Enjoy connectivity without sacrificing safety

October 17th, 2022

The internet of things (IoT) composes a vast tapestry of worldwide connections. Countless devices, appliances, machinery and databases work in tandem to enable digitally-enhanced ways of living. Think Amazon's Echo or Google Home, a smart thermostat like Nest, or a Ring doorbell to name a few.

Though this offers a sophisticated method of streamlining smarter, more efficient daily tasks, it is not without its vulnerabilities, particularly regarding privacy. 

Consider how much of your life can be refined and distilled into data points for targeted advertisements: a surprising amount of innocuous activities paint a compelling picture of what products and services are applicable to your way of life. With the average household owning 22 connected devices, it can be tricky to ensure your smart devices don’t cross your boundaries to gather this info. 

For Week 3 of Cybersecurity Awareness Month, ASU Enterprise Technology is sharing three tips for staying safe and secure, all while enjoying what a connected life has to offer. 

  1. Be mindful of voice-operated devices and investigate when they’re programmed to listen in.
    Getting a quick news update from Siri or Alexa is as easy as calling their names. However, their attentive listening doesn’t begin and end with your beck and call. As reported by the New York Times, Alexa in particular is a device that never truly stops listening, with a microphone primed to pick up on keywords or phrases you frequently assign to it. Snippets of your conversations may be recorded, even if these recordings were triggered by Alexa mistaking idle chit-chat for commands. These same audio clips may be sent to Amazon transcribers, who then use them to assess and refine Alexa’s accuracy.

    You can mute or disable certain voice-activated services if you’re uncomfortable with their rules and triggers. Researching your devices’ privacy policies and audio recording rules is the first step to gauging whether you’ll be comfortable with its operations. Amazon in particular offers a guide to automatically deleting Alexa voice recordings, allowing users to leverage its convenient features while keeping their private talks private.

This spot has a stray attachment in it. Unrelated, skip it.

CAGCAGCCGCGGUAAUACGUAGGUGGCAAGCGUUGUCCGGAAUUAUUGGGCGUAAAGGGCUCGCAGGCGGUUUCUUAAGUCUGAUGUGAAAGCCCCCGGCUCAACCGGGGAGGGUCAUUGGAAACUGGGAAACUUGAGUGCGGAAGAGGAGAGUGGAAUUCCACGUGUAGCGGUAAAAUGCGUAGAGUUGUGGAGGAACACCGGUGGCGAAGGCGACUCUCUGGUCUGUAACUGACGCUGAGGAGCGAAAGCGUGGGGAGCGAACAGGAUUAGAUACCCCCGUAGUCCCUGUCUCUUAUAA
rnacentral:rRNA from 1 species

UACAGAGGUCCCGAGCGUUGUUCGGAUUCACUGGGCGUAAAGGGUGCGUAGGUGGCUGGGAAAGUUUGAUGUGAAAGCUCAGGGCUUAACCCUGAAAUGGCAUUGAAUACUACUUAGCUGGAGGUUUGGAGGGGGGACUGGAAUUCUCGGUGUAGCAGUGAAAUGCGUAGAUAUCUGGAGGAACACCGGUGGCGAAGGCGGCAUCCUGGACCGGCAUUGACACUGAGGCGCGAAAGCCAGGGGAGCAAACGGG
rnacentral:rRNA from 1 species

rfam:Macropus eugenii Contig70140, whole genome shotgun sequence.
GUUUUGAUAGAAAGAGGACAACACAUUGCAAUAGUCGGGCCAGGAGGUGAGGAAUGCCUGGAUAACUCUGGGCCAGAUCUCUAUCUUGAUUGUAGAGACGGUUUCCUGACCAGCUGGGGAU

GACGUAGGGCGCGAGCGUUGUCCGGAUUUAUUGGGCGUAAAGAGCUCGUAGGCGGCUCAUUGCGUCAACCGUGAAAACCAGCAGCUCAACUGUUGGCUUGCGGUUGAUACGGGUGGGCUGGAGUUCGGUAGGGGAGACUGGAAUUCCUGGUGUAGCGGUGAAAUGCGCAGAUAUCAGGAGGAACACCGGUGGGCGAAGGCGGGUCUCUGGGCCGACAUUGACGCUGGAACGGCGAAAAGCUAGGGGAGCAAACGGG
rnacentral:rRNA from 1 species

2. Research whether your applications track your activity and for what reasons.
    Certain apps and software are designed to offer tailored advertisements to those whose data suggest receptiveness. They achieve this by tracking a user’s location and patterns across other apps and websites. A logged record of your digital maneuvers can be an unsettling thought, and even more so when the app tracking you has poor privacy policies and security standards.

    It is prudent to verify whether the apps you use track your data, how and to what extent they track you, and for what explicit purpose. For more information, including steps you can take to minimize online tracking, the Federal Trade Commission has compiled advice and step-by-step guides on their website.

  3. Don’t be afraid to forgo the “smart” model.
    Are you certain your refrigerator needs to have internet connectivity? On the one hand, it would be convenient for your fridge to track expiry dates for you. On the other hand, a simple turn of the milk jug will tell you straight away whether you’re safe to take a sip.

    Though “smart” models are rife with enjoyable features and enhancements, every device you connect to is another point of entry for a bad actor. While you can take steps to bolster your device security, one way of lessening the burden is to simply forgo the frivolous. The newest model of something will always be a tempting purchase, but your greatest concern should be whether it will offer tangible benefits that outweigh the risks, adding value to your life that doesn’t come at an unreasonable cost.

Interested in learning more about device safety? Visit GetProtected for additional tips on examining your tools and devices to ensure your privacy is preserved across each one.